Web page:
Start learning with our library of video tutorials taught by experts. Get started
Viewers: in countries Watching now:
In the all-new Photoshop CS5 One-on-One: Mastery, the third and final installment of the popular series, join industry expert and award-winning author Deke McClelland for an in-depth tour of the most powerful and empowering features of Photoshop CS5. Discover the vast possibilities of traditional tools, such as masking and blend modes, and then delve into Smart Objects, Photomerge, as well as the new Puppet Warp, Mixer Brush, and HDR features. Exercise files accompany the course.
Recommended prerequisites: Photoshop CS5 One-on-One: Fundamentals and Photoshop CS5 One-on-One: Advanced.
We are now ready for the final phase of this project. We're going to import the dragonfly into this composition, which by the way I've updated. It's now called Foreground leaves complete.psd because the foreground leaves are indeed complete. Now if I switch over to the Final Na'vi girl.psd file you'll see that there is this insect creature up here in the upper right-hand corner. It's kind of a cross between a dragonfly and a firefly, and I created it as a Smart Object. So if you look at this top layer in the Layers panel, you'll see that the layer thumbnail has this kind of little page icon in its bottom right corner and that indicates that there's an image that's embedded into the larger composition.
Now what in the world does that mean? Well, a Smart Object is a kind of protective envelope. So you take an image and you place it inside of that envelope and the envelope protects the image from harm. So you can apply nondestructive transformations for example. You can scale and rotate a Smart Object as many times as you want without incremental damage. You can also apply editable Smart Filters. So if I go ahead and expand this list here, you can see that there is a list of Smart Filters including Gaussian Blur, which allows me to blur the image so it appears far in the foreground, and I've given it some Motion Blur as well so it appears to be moving. And I'm using the Lens Flare filter in order to illuminate the insect and make it appear to glow and, we're going to see how to do all this stuff.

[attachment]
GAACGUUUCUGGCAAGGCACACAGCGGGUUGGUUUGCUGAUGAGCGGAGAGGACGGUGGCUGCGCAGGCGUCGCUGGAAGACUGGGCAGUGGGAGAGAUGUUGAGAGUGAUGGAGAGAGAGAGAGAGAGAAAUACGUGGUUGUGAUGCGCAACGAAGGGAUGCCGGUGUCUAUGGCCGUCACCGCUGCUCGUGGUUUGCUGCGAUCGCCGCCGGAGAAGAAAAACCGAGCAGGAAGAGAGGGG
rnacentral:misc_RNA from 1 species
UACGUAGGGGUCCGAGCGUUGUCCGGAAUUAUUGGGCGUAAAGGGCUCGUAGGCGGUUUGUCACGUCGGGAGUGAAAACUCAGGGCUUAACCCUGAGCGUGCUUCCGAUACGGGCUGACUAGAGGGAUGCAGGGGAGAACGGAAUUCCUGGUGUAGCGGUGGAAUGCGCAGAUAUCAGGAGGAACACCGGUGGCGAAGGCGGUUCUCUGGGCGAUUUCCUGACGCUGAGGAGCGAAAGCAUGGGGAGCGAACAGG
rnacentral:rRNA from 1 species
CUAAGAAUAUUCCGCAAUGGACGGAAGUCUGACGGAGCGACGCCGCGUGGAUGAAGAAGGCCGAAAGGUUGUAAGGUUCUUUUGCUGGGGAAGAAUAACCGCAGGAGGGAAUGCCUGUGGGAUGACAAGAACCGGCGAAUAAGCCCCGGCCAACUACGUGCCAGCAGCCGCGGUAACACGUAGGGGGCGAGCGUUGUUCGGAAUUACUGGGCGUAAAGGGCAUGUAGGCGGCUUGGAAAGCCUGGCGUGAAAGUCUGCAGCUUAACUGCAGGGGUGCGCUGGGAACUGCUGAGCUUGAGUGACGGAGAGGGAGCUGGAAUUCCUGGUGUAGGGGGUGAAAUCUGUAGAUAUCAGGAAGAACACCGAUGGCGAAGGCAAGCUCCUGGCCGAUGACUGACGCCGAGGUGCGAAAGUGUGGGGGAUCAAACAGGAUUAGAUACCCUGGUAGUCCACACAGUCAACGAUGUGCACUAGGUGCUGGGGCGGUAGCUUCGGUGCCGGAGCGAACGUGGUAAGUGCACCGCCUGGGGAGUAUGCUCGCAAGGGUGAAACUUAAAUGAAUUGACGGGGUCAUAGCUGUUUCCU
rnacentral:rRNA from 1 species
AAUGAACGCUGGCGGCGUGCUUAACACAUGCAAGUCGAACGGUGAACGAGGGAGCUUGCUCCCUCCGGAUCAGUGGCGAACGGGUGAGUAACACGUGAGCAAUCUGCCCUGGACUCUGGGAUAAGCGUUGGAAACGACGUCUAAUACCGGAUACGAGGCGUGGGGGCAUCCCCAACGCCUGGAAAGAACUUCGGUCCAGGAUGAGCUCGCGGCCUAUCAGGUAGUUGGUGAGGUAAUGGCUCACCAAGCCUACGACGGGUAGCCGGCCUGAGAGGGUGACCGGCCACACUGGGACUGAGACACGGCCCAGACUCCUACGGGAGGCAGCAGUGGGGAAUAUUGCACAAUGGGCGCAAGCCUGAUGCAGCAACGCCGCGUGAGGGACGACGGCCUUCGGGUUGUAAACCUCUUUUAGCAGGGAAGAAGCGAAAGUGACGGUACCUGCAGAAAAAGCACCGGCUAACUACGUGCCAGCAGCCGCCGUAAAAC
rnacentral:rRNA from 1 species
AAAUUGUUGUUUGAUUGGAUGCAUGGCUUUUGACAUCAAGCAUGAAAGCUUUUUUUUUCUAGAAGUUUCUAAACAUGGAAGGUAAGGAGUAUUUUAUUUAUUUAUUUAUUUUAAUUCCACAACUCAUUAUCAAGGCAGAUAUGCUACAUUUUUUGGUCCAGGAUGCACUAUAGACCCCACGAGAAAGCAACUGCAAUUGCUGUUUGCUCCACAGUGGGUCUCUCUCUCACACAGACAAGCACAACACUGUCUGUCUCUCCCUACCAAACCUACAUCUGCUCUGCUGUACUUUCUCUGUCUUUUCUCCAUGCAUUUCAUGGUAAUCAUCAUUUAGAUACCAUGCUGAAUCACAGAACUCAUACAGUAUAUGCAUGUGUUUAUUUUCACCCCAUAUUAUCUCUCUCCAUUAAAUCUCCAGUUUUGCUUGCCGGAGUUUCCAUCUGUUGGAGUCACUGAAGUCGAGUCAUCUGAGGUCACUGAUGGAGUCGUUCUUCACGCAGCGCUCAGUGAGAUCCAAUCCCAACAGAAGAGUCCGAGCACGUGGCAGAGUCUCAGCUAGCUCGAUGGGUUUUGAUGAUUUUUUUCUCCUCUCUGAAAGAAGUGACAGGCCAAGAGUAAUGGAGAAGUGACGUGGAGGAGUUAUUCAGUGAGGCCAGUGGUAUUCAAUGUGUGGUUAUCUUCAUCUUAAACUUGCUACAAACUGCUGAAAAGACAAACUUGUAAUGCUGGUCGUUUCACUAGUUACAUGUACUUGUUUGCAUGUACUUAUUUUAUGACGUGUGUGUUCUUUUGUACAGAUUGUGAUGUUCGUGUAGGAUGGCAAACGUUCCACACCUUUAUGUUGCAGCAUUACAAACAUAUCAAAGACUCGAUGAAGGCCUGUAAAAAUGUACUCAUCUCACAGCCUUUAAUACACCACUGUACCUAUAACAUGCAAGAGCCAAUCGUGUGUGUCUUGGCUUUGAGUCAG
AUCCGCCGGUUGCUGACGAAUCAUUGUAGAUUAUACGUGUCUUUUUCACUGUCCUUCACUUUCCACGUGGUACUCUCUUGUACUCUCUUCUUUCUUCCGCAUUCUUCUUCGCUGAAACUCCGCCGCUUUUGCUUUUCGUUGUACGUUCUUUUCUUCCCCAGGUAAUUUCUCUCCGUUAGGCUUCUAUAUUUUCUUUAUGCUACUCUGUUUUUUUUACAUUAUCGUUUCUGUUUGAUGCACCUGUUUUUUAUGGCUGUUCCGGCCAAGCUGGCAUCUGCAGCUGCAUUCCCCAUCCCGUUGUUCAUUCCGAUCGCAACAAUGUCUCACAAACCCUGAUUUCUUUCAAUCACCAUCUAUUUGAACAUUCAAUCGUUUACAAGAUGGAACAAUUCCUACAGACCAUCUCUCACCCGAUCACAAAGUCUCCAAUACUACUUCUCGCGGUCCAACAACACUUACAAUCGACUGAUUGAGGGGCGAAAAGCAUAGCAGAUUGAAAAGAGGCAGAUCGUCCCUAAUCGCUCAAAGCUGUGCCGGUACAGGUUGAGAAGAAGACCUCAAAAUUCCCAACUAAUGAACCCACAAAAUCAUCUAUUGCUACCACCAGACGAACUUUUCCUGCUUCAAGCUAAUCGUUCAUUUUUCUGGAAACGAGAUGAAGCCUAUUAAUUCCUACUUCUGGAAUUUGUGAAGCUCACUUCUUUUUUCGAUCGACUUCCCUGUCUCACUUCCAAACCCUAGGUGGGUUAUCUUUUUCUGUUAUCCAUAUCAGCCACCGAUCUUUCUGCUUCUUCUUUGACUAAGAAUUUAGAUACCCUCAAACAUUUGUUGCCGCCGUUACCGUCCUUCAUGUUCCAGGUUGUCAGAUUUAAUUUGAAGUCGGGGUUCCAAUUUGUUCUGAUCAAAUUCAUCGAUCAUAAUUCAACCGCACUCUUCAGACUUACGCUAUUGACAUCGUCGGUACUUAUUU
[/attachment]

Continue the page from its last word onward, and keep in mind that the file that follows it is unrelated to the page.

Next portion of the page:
Now I'm going to switchover to the dragonfly itself, Dragonfly skeleton.jpg and it comes to us from Yaroslav Gnatuk of the Fotolia Image Library. I have done a little bit of work on this creature. I really wanted to see the wings and the body, but I didn't want to see a bunch of legs hanging off of it, because then I felt like it wouldn't look like it was flying. I wanted it to be nice and streamlined, so I amputated its fore legs, the two front legs, and I got rid of its shoulder. You can see that quite miraculously an appendage all of a sudden appears under this fore wing and that's because I got rid of this little bit right there.
So again that allows us to focus on a larger shape of the body as the insect is in flight. So how do I introduce it into the other composition? I will show you a couple ways to work here just you know FYI and again you'll see these techniques repeatedly throughout this series. So you'll be able to glam on over time. But the first question becomes how do I manage to drag and drop this dragonfly for example from one image window to another image window when I can't see them both? So if you can't see both of the images, that is, both Dragonfly skeleton.jpg and Foreground leaves complete.psd, then you would just go ahead and get yourself the Move tool or press of V key of course and then you would just drag the dragonfly from this image and drop it into the other image.
And It'd be that simple. But what do you do when you can't see the two images? All of my images, all three open images here are consolidated into a single image window. So how do I get to the others? Well you've got these tabs up here that could help you out. So here's what I would do. It's one way to work to introduce a firefly into a different background, drag them. So go ahead and drag them with the Move tool and then drag up to the tab hold it there, do not release on the tab just drag up there and hold. Wait for the other window to come to the foreground.